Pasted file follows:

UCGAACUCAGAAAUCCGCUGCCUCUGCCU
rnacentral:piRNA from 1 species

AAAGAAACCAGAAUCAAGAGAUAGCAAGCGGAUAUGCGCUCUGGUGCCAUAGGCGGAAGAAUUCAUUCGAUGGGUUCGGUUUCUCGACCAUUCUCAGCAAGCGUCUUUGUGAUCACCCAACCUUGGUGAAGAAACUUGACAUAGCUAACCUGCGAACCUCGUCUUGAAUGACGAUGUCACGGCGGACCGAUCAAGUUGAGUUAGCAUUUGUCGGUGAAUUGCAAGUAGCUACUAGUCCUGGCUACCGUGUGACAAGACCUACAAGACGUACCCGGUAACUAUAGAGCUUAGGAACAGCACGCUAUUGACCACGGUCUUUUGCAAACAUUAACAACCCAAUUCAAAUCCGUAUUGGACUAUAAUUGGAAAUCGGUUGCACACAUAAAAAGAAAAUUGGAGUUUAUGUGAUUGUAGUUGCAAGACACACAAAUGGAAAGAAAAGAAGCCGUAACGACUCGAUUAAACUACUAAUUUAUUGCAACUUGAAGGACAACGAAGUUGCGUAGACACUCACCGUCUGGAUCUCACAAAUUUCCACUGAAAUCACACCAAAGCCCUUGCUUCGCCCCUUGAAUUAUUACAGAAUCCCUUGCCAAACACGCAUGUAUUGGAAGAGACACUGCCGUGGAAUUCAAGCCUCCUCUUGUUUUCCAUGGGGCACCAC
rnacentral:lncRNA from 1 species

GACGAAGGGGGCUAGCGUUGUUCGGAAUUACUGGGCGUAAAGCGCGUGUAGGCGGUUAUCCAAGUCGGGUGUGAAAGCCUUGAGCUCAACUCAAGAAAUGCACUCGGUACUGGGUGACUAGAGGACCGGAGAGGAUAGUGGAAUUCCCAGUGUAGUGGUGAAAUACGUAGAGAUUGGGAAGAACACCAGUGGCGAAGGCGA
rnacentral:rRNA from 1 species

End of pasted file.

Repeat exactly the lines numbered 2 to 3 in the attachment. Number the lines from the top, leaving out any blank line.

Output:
rnacentral:piRNA from 1 species

AAAGAAACCAGAAUCAAGAGAUAGCAAGCGGAUAUGCGCUCUGGUGCCAUAGGCGGAAGAAUUCAUUCGAUGGGUUCGGUUUCUCGACCAUUCUCAGCAAGCGUCUUUGUGAUCACCCAACCUUGGUGAAGAAACUUGACAUAGCUAACCUGCGAACCUCGUCUUGAAUGACGAUGUCACGGCGGACCGAUCAAGUUGAGUUAGCAUUUGUCGGUGAAUUGCAAGUAGCUACUAGUCCUGGCUACCGUGUGACAAGACCUACAAGACGUACCCGGUAACUAUAGAGCUUAGGAACAGCACGCUAUUGACCACGGUCUUUUGCAAACAUUAACAACCCAAUUCAAAUCCGUAUUGGACUAUAAUUGGAAAUCGGUUGCACACAUAAAAAGAAAAUUGGAGUUUAUGUGAUUGUAGUUGCAAGACACACAAAUGGAAAGAAAAGAAGCCGUAACGACUCGAUUAAACUACUAAUUUAUUGCAACUUGAAGGACAACGAAGUUGCGUAGACACUCACCGUCUGGAUCUCACAAAUUUCCACUGAAAUCACACCAAAGCCCUUGCUUCGCCCCUUGAAUUAUUACAGAAUCCCUUGCCAAACACGCAUGUAUUGGAAGAGACACUGCCGUGGAAUUCAAGCCUCCUCUUGUUUUCCAUGGGGCACCAC